Ran into an interesting issue at work today. My pair (Dave) and I opened a pull request yesterday and I checked the status this morning. It showed that Dave had closed it this morning. I asked him if he had intended to merge it, and he said he hadn’t closed it.
The weird thing was that when looking at the pull request, reopening the pull request was not an option. I had not seen that before, so I started asking around.
So, long story short, it turns out that Dave was cleaning up his branches and accidentally deleted the branch that the pull request was based on. This caused Github to close the pull request because the branch it was based on no longer existed.
I fixed this by re-pushing the branch and refreshing the pull request page. At that point, I had the ability to re-open the pull request.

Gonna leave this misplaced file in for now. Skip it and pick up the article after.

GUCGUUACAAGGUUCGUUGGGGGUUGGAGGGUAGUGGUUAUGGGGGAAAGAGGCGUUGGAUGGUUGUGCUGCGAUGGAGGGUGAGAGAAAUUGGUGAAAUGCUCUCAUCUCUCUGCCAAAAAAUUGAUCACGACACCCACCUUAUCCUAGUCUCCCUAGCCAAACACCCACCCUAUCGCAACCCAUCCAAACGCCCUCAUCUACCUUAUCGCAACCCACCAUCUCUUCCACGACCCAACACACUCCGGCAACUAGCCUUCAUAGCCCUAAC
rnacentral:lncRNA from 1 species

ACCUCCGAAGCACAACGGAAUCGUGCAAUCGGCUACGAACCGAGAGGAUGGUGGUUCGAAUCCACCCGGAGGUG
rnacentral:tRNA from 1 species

I have a script I want to run in rails console, but I don’t want to log the SQL and such. So I googled how to turn off all logging in Rails 3 console. Unfortunately, all the answers were old, so here’s how I did it:
Logging.logger.root.level = 'off'
One way of debugging your ruby scripts is to print out the value of variables in different sections of your code.
Rubymine has a feature called live templates that allows you to type a short command and have RubyMine extract it in to full blown code. Some built in shortcuts exist, such as def (creates a method), desc (create a RSpec test), it (RSpec test), etc.
To create your own, go to RubyMine -> Preferences -> Live Templates. Click one of the existing templates and hit Copy.
I named mine pl (Put Line Number) and put the following content in:
Now when I’m typing code, I can hit the following:
And it will print out the following:
I’ve found this helpful for tracking down where a specific print statement is located.
A while back, I wrote a blog post on adding custom environment variables to Rails3.
This has gotten much easier with a change made by Jose Valim back in March.
The change allows you to create your own custom configuration variables like so:
# config/environments/development.rb Demo::Application.configure do [...] config.json_url = "http://www.domain.com" [...] end